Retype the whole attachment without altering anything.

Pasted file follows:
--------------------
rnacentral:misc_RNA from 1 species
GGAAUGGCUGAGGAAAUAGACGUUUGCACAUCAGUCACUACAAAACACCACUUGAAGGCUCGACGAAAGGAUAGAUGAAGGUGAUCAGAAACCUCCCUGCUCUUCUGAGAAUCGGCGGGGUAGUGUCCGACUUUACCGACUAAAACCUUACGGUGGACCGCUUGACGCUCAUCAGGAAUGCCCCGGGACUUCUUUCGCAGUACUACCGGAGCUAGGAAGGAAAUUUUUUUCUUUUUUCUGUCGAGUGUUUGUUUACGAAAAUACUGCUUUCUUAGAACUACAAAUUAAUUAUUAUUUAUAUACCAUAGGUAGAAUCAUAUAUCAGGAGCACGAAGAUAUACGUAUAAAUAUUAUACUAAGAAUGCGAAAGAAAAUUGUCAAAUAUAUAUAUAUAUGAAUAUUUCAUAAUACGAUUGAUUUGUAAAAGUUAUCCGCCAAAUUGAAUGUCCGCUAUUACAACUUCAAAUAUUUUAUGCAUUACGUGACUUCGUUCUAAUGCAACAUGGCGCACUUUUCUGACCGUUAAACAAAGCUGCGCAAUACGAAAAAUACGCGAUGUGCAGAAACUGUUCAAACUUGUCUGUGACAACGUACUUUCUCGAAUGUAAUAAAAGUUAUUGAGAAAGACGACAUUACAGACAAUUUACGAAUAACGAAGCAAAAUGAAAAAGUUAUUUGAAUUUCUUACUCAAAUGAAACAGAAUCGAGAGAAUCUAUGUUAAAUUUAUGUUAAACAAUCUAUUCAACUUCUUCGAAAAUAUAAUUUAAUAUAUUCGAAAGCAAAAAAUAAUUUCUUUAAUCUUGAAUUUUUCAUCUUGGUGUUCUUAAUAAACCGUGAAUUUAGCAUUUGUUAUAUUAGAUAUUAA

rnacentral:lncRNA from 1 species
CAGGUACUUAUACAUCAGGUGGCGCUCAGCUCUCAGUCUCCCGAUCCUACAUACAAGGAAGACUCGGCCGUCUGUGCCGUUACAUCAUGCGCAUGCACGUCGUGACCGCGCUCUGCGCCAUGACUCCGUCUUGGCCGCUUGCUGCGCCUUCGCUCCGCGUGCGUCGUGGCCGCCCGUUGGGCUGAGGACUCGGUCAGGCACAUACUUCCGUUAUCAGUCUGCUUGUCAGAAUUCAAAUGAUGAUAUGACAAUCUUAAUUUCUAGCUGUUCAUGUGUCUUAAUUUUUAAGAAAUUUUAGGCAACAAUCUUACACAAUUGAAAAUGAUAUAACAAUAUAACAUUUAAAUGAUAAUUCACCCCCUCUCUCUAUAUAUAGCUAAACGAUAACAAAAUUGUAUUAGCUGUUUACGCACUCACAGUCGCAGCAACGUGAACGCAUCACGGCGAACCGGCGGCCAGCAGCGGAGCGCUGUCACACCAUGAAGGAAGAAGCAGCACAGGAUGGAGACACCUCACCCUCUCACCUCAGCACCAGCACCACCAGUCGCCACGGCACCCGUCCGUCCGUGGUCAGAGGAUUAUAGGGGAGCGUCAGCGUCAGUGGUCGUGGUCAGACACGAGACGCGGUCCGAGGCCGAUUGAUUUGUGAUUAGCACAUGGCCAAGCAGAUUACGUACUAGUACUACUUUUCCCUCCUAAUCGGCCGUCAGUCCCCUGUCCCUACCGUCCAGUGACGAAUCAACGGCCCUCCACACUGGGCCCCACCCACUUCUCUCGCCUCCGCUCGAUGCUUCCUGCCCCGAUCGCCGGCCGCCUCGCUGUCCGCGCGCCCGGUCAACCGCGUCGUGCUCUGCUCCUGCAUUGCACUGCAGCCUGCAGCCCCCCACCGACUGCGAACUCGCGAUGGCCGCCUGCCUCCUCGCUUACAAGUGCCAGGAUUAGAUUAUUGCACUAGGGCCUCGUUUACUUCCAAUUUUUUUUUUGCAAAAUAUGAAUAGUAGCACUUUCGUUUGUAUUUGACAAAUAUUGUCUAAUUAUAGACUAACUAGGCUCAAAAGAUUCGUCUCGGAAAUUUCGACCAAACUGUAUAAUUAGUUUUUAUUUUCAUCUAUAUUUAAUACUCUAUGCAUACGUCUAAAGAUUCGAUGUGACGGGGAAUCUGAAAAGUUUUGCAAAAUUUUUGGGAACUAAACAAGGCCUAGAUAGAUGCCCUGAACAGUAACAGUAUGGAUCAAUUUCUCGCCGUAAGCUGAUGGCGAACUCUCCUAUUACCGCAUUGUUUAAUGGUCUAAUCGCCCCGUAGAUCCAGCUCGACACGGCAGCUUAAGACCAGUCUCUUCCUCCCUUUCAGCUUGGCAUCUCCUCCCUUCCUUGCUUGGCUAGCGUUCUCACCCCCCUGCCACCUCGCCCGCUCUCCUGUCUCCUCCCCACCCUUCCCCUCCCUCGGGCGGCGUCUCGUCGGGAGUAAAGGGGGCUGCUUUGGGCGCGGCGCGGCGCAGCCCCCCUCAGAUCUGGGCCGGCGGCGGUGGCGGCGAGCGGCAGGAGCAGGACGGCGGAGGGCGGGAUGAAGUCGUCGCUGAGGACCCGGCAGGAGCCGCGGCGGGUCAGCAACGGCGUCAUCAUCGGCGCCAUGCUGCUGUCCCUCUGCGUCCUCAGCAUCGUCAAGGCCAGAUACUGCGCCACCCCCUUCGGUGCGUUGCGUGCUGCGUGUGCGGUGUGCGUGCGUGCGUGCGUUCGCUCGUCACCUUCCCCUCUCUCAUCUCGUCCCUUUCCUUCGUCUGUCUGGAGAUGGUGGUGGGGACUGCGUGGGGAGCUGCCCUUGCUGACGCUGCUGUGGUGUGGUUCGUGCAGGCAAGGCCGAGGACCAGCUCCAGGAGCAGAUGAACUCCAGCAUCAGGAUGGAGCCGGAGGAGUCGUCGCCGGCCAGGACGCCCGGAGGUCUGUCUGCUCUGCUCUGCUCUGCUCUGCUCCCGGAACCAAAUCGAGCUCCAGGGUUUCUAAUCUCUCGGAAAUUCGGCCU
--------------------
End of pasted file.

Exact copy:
rnacentral:misc_RNA from 1 species
GGAAUGGCUGAGGAAAUAGACGUUUGCACAUCAGUCACUACAAAACACCACUUGAAGGCUCGACGAAAGGAUAGAUGAAGGUGAUCAGAAACCUCCCUGCUCUUCUGAGAAUCGGCGGGGUAGUGUCCGACUUUACCGACUAAAACCUUACGGUGGACCGCUUGACGCUCAUCAGGAAUGCCCCGGGACUUCUUUCGCAGUACUACCGGAGCUAGGAAGGAAAUUUUUUUCUUUUUUCUGUCGAGUGUUUGUUUACGAAAAUACUGCUUUCUUAGAACUACAAAUUAAUUAUUAUUUAUAUACCAUAGGUAGAAUCAUAUAUCAGGAGCACGAAGAUAUACGUAUAAAUAUUAUACUAAGAAUGCGAAAGAAAAUUGUCAAAUAUAUAUAUAUAUGAAUAUUUCAUAAUACGAUUGAUUUGUAAAAGUUAUCCGCCAAAUUGAAUGUCCGCUAUUACAACUUCAAAUAUUUUAUGCAUUACGUGACUUCGUUCUAAUGCAACAUGGCGCACUUUUCUGACCGUUAAACAAAGCUGCGCAAUACGAAAAAUACGCGAUGUGCAGAAACUGUUCAAACUUGUCUGUGACAACGUACUUUCUCGAAUGUAAUAAAAGUUAUUGAGAAAGACGACAUUACAGACAAUUUACGAAUAACGAAGCAAAAUGAAAAAGUUAUUUGAAUUUCUUACUCAAAUGAAACAGAAUCGAGAGAAUCUAUGUUAAAUUUAUGUUAAACAAUCUAUUCAACUUCUUCGAAAAUAUAAUUUAAUAUAUUCGAAAGCAAAAAAUAAUUUCUUUAAUCUUGAAUUUUUCAUCUUGGUGUUCUUAAUAAACCGUGAAUUUAGCAUUUGUUAUAUUAGAUAUUAA

rnacentral:lncRNA from 1 species
CAGGUACUUAUACAUCAGGUGGCGCUCAGCUCUCAGUCUCCCGAUCCUACAUACAAGGAAGACUCGGCCGUCUGUGCCGUUACAUCAUGCGCAUGCACGUCGUGACCGCGCUCUGCGCCAUGACUCCGUCUUGGCCGCUUGCUGCGCCUUCGCUCCGCGUGCGUCGUGGCCGCCCGUUGGGCUGAGGACUCGGUCAGGCACAUACUUCCGUUAUCAGUCUGCUUGUCAGAAUUCAAAUGAUGAUAUGACAAUCUUAAUUUCUAGCUGUUCAUGUGUCUUAAUUUUUAAGAAAUUUUAGGCAACAAUCUUACACAAUUGAAAAUGAUAUAACAAUAUAACAUUUAAAUGAUAAUUCACCCCCUCUCUCUAUAUAUAGCUAAACGAUAACAAAAUUGUAUUAGCUGUUUACGCACUCACAGUCGCAGCAACGUGAACGCAUCACGGCGAACCGGCGGCCAGCAGCGGAGCGCUGUCACACCAUGAAGGAAGAAGCAGCACAGGAUGGAGACACCUCACCCUCUCACCUCAGCACCAGCACCACCAGUCGCCACGGCACCCGUCCGUCCGUGGUCAGAGGAUUAUAGGGGAGCGUCAGCGUCAGUGGUCGUGGUCAGACACGAGACGCGGUCCGAGGCCGAUUGAUUUGUGAUUAGCACAUGGCCAAGCAGAUUACGUACUAGUACUACUUUUCCCUCCUAAUCGGCCGUCAGUCCCCUGUCCCUACCGUCCAGUGACGAAUCAACGGCCCUCCACACUGGGCCCCACCCACUUCUCUCGCCUCCGCUCGAUGCUUCCUGCCCCGAUCGCCGGCCGCCUCGCUGUCCGCGCGCCCGGUCAACCGCGUCGUGCUCUGCUCCUGCAUUGCACUGCAGCCUGCAGCCCCCCACCGACUGCGAACUCGCGAUGGCCGCCUGCCUCCUCGCUUACAAGUGCCAGGAUUAGAUUAUUGCACUAGGGCCUCGUUUACUUCCAAUUUUUUUUUUGCAAAAUAUGAAUAGUAGCACUUUCGUUUGUAUUUGACAAAUAUUGUCUAAUUAUAGACUAACUAGGCUCAAAAGAUUCGUCUCGGAAAUUUCGACCAAACUGUAUAAUUAGUUUUUAUUUUCAUCUAUAUUUAAUACUCUAUGCAUACGUCUAAAGAUUCGAUGUGACGGGGAAUCUGAAAAGUUUUGCAAAAUUUUUGGGAACUAAACAAGGCCUAGAUAGAUGCCCUGAACAGUAACAGUAUGGAUCAAUUUCUCGCCGUAAGCUGAUGGCGAACUCUCCUAUUACCGCAUUGUUUAAUGGUCUAAUCGCCCCGUAGAUCCAGCUCGACACGGCAGCUUAAGACCAGUCUCUUCCUCCCUUUCAGCUUGGCAUCUCCUCCCUUCCUUGCUUGGCUAGCGUUCUCACCCCCCUGCCACCUCGCCCGCUCUCCUGUCUCCUCCCCACCCUUCCCCUCCCUCGGGCGGCGUCUCGUCGGGAGUAAAGGGGGCUGCUUUGGGCGCGGCGCGGCGCAGCCCCCCUCAGAUCUGGGCCGGCGGCGGUGGCGGCGAGCGGCAGGAGCAGGACGGCGGAGGGCGGGAUGAAGUCGUCGCUGAGGACCCGGCAGGAGCCGCGGCGGGUCAGCAACGGCGUCAUCAUCGGCGCCAUGCUGCUGUCCCUCUGCGUCCUCAGCAUCGUCAAGGCCAGAUACUGCGCCACCCCCUUCGGUGCGUUGCGUGCUGCGUGUGCGGUGUGCGUGCGUGCGUGCGUUCGCUCGUCACCUUCCCCUCUCUCAUCUCGUCCCUUUCCUUCGUCUGUCUGGAGAUGGUGGUGGGGACUGCGUGGGGAGCUGCCCUUGCUGACGCUGCUGUGGUGUGGUUCGUGCAGGCAAGGCCGAGGACCAGCUCCAGGAGCAGAUGAACUCCAGCAUCAGGAUGGAGCCGGAGGAGUCGUCGCCGGCCAGGACGCCCGGAGGUCUGUCUGCUCUGCUCUGCUCUGCUCUGCUCCCGGAACCAAAUCGAGCUCCAGGGUUUCUAAUCUCUCGGAAAUUCGGCCU